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    CaptHenwayCaptHenway Posts: 31,564 ✭✭✭✭✭


    << <i>Maybe I'm missing the point. Was the affidavit and the letter that Capt Henway recieved by the same person? I thouight it was two different people. >>



    Yes, it was two different documents from two different people.
    Numismatist. 50 year member ANA. Winner of four ANA Heath Literary Awards; three Wayte and Olga Raymond Literary Awards; Numismatist of the Year Award 2009, and Lifetime Achievement Award 2020. Winner numerous NLG Literary Awards.
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    RichieURichRichieURich Posts: 8,372 ✭✭✭✭✭


    << <i>This new letter made public is probably more fascinating and interesting than any letter that I can think of written by any famous numismatist thus far in my 7 years of collecting. I have often wondered about what is truth and what is myth, it appears there is one more urban legend that has finally bit the dust............ >>



    What Realone said, except change the number of years.

    Glad Capt Henway found the letter. Definitely a valuable piece of history.

    When the government's paranoia surrounding the 1964-D Peace dollars approaches their view on the 1933 double eagles, they will probably want to confiscate the letter!

    An authorized PCGS dealer, and a contributor to the Red Book.

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    CalebCaleb Posts: 739


    << <i>These things are like alien spaceships.

    Many people say they've seen them.

    But no one can produce one.

    image >>




    Maybe it is just that nobody wants to produce one image
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    RichieURichRichieURich Posts: 8,372 ✭✭✭✭✭
    Just to add, the contention that employees were confused between the Kennedy halves and the Peace dollars is ridiculous. Having worked for a consumer goods company who often introduced new products, normally everyone in the company was waiting to see just what they were, and wanted to check them out as soon as they were made available to employees. No Peace dollars had been minted since 1935. To think that employees would be confused about a new issuance of such a coin just defies logic.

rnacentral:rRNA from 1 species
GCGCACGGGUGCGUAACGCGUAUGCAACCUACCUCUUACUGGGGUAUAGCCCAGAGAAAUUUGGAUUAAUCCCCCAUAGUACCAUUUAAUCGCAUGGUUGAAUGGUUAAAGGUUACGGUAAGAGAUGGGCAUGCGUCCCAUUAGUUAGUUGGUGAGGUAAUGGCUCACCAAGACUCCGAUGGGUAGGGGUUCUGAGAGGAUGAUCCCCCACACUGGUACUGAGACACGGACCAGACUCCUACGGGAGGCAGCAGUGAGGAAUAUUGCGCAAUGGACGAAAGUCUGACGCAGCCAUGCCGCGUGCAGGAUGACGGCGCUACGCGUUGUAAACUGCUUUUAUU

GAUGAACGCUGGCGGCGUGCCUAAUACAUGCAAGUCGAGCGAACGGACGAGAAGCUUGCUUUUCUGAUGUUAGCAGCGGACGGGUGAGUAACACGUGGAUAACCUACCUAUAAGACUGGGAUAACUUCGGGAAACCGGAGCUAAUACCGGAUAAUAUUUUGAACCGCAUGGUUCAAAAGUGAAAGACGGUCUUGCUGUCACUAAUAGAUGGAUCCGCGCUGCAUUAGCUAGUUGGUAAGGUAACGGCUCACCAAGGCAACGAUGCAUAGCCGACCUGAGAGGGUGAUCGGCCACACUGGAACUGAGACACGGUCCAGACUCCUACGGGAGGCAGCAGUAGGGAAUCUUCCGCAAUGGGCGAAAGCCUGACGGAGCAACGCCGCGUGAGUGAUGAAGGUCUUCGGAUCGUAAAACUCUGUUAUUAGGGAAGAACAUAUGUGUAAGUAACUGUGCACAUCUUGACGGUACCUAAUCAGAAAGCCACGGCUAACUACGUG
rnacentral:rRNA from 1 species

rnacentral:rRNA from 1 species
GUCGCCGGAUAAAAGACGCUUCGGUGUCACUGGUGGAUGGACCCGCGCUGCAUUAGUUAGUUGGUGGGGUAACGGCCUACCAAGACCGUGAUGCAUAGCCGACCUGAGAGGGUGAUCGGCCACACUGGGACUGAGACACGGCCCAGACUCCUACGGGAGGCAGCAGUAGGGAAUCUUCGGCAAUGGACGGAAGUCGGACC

An authorized PCGS dealer, and a contributor to the Red Book.

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    ZoinsZoins Posts: 33,910 ✭✭✭✭✭


    << <i>Just to add, the contention that employees were confused between the Kennedy halves and the Peace dollars is ridiculous. Having worked for a consumer goods company who often introduced new products, normally everyone in the company was waiting to see just what they were, and wanted to check them out as soon as they were made available to employees. No Peace dollars had been minted since 1935. To think that employees would be confused about a new issuance of such a coin just defies logic. >>



    I'd agree with this... but then again I've seen some people interviewed on daytime TV shows image

    To me, the bigger issue here is that not a single person has signed their name to the story. There may have been good reasons for this, but it is what it is. Of course, this was before the time of whistle-blower laws and those still don't really protect people from revealing state secrets.
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    19Lyds19Lyds Posts: 26,475 ✭✭✭✭
    OK. Before this gets out of hand, from what I understand, coins that are minted MUST be counted AND accounted for before they ever get to the cashiers office for release.

    As such, regardless of what Dan was told or believe's, there is just no way that the coins could have been counted, which the US Mint says never happened, and then have them released to the Cashier's Cage in a 5 hour time span. Or even an 8 hour time span. I'm just not buying what the printing of this letter is implying.

    I also find it difficult to believe that Coin Dealers were granted access to the US Mint Superintendent's Office. Wouldn't that be an area thats restricted to the public? Even back then? I mean, "sitting in her office one day", sounds fairly casual and I'm sure that security at the US Mint wouldn't allow such a thing.

    Tom, have you ever been in the superintendent's office?
    I decided to change calling the bathroom the John and renamed it the Jim. I feel so much better saying I went to the Jim this morning.



    The name is LEE!
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    JustacommemanJustacommeman Posts: 22,847 ✭✭✭✭✭
    Über interesting and quite a piece................MJ
    Walker Proof Digital Album
    Fellas, leave the tight pants to the ladies. If I can count the coins in your pockets you better use them to call a tailor. Stay thirsty my friends......
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    CoinosaurusCoinosaurus Posts: 9,615 ✭✭✭✭✭


    << <i>No Peace dollars had been minted since 1935. To think that employees would be confused about a new issuance of such a coin just defies logic. >>